acoustics

Science Art: Giant Animals: Modern and Extinct (detail), by Mary McLain

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These are prehistoric animals compared to their modern relatives and, for scale, a human. A human who’s interested in what they’re like… except when…

Look out! HELL PIG!

There are plenty more of the majestic giants (and some terrifying ones) at NPR’s Skunk Bear tumblog.

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Science Art: Jupiter's Rings by LORRI, 2007.

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The New Horizons Long Range Reconnaissance Imager (LORRI) snapped this photo of Jupiter’s ring system on February 24, 2007, from a distance of 7.1 million kilometers (4.4 million miles).

This processed image shows a narrow ring, about 1,000 kilometers (600 miles) wide, with a fainter sheet of material inside it. The faint glow extending in from the ring is likely caused by fine dust that diffuses in toward Jupiter. This is the outer tip of the “halo,” a cloud of dust …

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SONG: Thirty-Five Minutes (from Earth)

SONG: “Thirty-Five Minutes (from Earth)”.

ARTIST: grant.

SOURCE:Based on “NASA Windbots Could Explore Gas Giant Jupiter”, Sky News, 24 July 2015, as used in the post as used in the post “Windbots to explore Jupiter – the bumpier the ride, the better..”

ABSTRACT: The planet Jupiter is 35 light-minutes from Earth (give or take a couple of minutes depending on where in its orbit the planet is).

So a robot floating in the turbulent winds of Jupiter would take that long to send a mes…

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Science Art: Doree, Zeus, Faber by Edward Donovan

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Three names for one little fish. And those are just the beginning.

I found this one on the Scientific Illustration tumblog, which quoted Wikipedia on the doree (etc.):

John Dory, St Pierre or Peter’s Fish, refers to fish of the genus Zeus, especially Zeus faber, of widespread distribution. It is an edible benthic coastal marine fish with a laterally compressed olive-yellow body which has a large dark spot, and long spines on the dorsal fin. The dark spot is used to flash an ‘evil ey…

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Science Art: Her Majesty's Cochins; Imported in 1843, published 1904.

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These are ostensibly Cochin chickens, or forerunners of what we’d call Cochins today. They’re a breed with a *lot* of character, and are uniquely suited, temperamentally, for being “pet” chickens moreso than egg factories or walking meat supplies. Despite the name (after a part of India), they’re originally from China.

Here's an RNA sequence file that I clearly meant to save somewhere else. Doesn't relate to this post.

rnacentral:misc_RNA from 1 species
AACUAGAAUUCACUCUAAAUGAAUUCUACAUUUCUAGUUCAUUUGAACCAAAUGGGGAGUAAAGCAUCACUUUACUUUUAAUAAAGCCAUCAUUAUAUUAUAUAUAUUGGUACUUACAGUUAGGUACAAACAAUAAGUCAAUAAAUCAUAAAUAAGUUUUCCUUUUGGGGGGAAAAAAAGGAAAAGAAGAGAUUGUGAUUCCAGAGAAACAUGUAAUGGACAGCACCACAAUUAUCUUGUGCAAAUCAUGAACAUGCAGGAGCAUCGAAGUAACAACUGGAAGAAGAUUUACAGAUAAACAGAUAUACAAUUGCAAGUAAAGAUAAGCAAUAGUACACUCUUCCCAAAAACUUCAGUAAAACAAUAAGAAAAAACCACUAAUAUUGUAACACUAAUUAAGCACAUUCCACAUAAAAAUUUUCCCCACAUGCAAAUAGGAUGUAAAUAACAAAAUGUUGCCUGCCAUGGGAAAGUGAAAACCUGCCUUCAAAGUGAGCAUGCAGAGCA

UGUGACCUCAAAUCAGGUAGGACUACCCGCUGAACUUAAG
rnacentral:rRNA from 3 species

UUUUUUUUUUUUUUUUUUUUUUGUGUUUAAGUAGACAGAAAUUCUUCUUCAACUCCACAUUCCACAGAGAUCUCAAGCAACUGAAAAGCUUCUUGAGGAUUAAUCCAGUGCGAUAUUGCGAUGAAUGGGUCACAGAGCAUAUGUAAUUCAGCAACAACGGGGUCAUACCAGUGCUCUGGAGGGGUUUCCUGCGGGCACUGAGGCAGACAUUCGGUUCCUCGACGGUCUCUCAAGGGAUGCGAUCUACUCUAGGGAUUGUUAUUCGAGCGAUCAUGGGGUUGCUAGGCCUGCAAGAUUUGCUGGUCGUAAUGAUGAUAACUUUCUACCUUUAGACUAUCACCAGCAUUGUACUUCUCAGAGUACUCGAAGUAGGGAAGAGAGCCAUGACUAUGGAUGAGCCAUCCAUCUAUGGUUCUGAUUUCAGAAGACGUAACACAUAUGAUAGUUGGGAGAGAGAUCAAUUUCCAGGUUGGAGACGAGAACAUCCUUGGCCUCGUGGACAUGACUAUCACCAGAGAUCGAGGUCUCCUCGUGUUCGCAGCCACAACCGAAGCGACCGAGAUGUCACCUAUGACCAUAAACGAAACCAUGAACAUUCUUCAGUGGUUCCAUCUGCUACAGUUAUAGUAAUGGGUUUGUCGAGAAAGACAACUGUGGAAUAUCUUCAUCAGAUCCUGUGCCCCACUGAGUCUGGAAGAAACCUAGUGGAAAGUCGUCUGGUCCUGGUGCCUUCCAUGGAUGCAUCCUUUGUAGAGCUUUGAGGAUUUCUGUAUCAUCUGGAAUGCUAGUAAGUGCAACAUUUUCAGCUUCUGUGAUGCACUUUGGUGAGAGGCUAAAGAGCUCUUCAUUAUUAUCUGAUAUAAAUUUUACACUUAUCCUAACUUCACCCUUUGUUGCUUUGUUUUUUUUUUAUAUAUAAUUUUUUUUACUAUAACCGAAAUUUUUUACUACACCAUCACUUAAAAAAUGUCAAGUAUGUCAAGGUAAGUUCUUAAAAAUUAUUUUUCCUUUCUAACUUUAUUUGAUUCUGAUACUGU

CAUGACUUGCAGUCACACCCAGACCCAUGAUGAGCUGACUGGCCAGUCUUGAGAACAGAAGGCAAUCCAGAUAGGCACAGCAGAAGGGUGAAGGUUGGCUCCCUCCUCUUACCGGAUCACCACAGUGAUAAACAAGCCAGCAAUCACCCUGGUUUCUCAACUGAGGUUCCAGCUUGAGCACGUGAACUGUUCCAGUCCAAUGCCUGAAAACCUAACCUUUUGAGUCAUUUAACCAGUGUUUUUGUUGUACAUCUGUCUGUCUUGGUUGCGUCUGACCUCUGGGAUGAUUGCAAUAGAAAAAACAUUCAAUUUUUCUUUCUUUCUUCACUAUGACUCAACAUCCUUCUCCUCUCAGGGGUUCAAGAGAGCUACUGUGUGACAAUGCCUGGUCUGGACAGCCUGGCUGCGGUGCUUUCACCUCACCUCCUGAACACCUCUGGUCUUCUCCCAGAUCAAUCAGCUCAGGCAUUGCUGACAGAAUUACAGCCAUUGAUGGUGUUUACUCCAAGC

This picture is from The Asiatics; Brahmas, Cochins and Langshans, all varieties, their origin; peculiarities of shape and color; egg production; their ma…

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Science Art: Soaking Up the Rays of a Sun-Like Star, by NASA Ames/JPL-Caltech/T. Pyle, 2015.

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This is an artist’s impression of a planet just discovered by NASA’s Kepler mission that’s gotten the folks at SETI all excited.

It’s the most Earth-like planet yet discovered. Kepler 452b sits in the “Goldilocks” zone around its star, not too hot and not too cold, and is about the same size (or is a little larger) and made of something like the same stuff as the planet we’re sitting around on right now. It takes 365 days to orbit around its sun, too. NASA’s calling it ou…

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Anderson & Reed make dog music.

31 May 2010 // 0 Comments

Fixing the BBC’s headline here (and wife??) while celebrating a new, high frequency project by Laurie Anderson and Lou Reed, dog musicians: US rock star Lou Reed and his artist wife Laurie Anderson are to stage a “high-frequency concert” for canines in Australia. Music for Dogs, to be held outside the Sydney Opera House, is billed as “an inter-species social gathering on a scale never seen before in Australia”. The bizarre recital in June will be largely inaudible to the human ear. The couple said they have experience making music for at least one dog – their rat terrier, Lollabelle. “She likes things with a lot of smoothness but with beats in them,” Ms Anderson told the Sydney Morning Herald.